Federal Circuit’s Fair Use Analysis / Role of the Jury
The Federal Circuit analyzed section 107’s four non-exclusive factors to determine whether Google’s use was fair: 1) the purpose and character of the use; 2) the nature of the copyright work; 3) the amount and substantiality of the portion used in relation to the whole; and 4) the effect of the use on the potential market. Since fair use has long been held to be an affirmative defense, Google had the burden to prove that the factors weighed in its favor.
The court also discussed the role of the jury in a fair use analysis, stating that while inferences from the four-factor analysis and the ultimate question of fair use are legal, the disputed historical facts are questions for the jury. Thus, other than implied findings of historical fact, all jury findings related to fair use were viewed as advisory only.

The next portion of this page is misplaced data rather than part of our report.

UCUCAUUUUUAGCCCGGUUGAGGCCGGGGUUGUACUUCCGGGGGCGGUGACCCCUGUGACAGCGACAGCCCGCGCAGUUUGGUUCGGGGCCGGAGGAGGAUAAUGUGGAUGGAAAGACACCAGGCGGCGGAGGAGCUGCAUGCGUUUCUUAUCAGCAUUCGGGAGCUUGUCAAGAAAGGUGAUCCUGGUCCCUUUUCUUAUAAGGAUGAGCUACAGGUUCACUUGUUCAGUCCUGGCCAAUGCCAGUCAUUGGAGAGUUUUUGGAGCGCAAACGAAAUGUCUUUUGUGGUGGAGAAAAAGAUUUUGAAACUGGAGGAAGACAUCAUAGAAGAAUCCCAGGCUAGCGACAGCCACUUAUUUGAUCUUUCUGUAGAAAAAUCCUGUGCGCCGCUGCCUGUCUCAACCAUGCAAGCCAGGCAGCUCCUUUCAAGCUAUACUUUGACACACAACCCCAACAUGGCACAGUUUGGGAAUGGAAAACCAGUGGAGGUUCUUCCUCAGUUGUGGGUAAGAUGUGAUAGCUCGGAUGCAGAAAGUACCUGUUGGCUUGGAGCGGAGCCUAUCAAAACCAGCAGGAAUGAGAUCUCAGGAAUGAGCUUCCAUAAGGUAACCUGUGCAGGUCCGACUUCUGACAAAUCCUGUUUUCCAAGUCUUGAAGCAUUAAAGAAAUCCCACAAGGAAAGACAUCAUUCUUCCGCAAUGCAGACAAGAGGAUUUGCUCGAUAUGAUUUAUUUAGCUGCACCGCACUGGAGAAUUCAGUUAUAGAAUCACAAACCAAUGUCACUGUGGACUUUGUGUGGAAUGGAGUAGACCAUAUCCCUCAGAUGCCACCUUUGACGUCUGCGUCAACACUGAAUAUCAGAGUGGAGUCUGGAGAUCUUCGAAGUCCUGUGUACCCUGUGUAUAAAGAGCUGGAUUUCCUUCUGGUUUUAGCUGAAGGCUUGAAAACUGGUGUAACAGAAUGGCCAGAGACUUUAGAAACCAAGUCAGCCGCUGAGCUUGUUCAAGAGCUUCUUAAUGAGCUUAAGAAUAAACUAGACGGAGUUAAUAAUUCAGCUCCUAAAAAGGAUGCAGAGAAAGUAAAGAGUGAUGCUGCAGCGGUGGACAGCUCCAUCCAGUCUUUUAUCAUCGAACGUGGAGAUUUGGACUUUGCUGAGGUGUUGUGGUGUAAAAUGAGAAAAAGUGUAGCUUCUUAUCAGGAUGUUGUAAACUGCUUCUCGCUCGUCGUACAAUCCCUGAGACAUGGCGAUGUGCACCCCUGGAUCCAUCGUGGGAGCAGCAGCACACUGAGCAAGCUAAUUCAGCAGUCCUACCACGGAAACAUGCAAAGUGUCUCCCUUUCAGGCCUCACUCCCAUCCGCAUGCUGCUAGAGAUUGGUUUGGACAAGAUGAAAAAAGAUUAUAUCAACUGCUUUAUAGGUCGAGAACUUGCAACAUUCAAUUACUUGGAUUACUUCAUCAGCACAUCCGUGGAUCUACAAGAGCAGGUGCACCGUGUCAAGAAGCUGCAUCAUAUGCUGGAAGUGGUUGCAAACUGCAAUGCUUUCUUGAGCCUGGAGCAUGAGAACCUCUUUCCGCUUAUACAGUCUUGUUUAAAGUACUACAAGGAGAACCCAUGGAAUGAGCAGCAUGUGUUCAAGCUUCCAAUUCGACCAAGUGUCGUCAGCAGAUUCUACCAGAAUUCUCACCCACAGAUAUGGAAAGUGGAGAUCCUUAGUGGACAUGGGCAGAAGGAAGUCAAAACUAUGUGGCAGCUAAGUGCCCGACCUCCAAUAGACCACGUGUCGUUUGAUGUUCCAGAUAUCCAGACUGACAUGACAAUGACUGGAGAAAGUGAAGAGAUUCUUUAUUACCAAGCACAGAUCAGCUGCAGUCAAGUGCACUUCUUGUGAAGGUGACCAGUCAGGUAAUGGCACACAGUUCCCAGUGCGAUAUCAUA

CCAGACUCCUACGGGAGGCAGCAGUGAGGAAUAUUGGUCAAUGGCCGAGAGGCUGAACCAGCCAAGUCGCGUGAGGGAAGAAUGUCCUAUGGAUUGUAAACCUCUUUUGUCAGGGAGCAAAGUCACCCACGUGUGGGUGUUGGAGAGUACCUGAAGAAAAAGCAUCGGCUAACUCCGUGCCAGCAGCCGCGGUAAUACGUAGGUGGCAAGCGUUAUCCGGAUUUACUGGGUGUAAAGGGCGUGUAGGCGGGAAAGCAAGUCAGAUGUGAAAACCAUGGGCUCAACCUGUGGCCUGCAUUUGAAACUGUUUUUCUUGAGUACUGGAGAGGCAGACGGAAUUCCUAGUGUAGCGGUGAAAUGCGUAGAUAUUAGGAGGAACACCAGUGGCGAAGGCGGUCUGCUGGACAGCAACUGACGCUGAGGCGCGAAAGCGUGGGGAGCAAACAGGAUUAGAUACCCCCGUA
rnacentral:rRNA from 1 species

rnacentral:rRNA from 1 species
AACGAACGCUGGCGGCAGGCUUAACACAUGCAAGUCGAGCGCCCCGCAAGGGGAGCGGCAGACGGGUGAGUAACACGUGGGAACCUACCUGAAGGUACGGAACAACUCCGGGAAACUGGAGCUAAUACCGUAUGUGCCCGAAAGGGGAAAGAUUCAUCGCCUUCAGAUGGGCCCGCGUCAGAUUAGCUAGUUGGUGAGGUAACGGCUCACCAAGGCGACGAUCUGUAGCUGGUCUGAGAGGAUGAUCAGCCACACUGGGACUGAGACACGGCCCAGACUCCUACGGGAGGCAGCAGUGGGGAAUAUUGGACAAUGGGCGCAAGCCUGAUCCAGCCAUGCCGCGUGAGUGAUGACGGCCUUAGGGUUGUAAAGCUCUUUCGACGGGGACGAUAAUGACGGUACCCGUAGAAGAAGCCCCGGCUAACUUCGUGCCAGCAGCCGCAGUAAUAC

• Purpose and Character of the Use: The court concluded that the use was highly commercial and not transformative, meaning that the use did not alter the underlying work with new expression, meaning or message, because the API packages serve the same function in both works. Accordingly, the court concluded that the first factor favored Oracle. • Nature of the Copyrighted Work: The court found that the functional aspects of the code were substantial and that as a result, this factor favored fair use. However, the court noted that this factor held less significance. • Amount and Substantiality of the Portion Used: The court concluded that no reasonable jury could conclude that what was copied was qualitatively insignificant since the material that was copied was important to the Android platform. Accordingly, the court found this factor neutral at best and arguably weighing against fair use. • Effect on the Potential Market: The court found that the evidence of actual and potential harm from Google’s copying was overwhelming and that the district court erred as a matter of law in concluding otherwise. The court noted that Android competed directly with Java in the market for mobile devices, rejecting Google’s arguments to the contrary. Further, the court emphasized the potential for market harm even if Android did not directly compete with Java on mobile devices.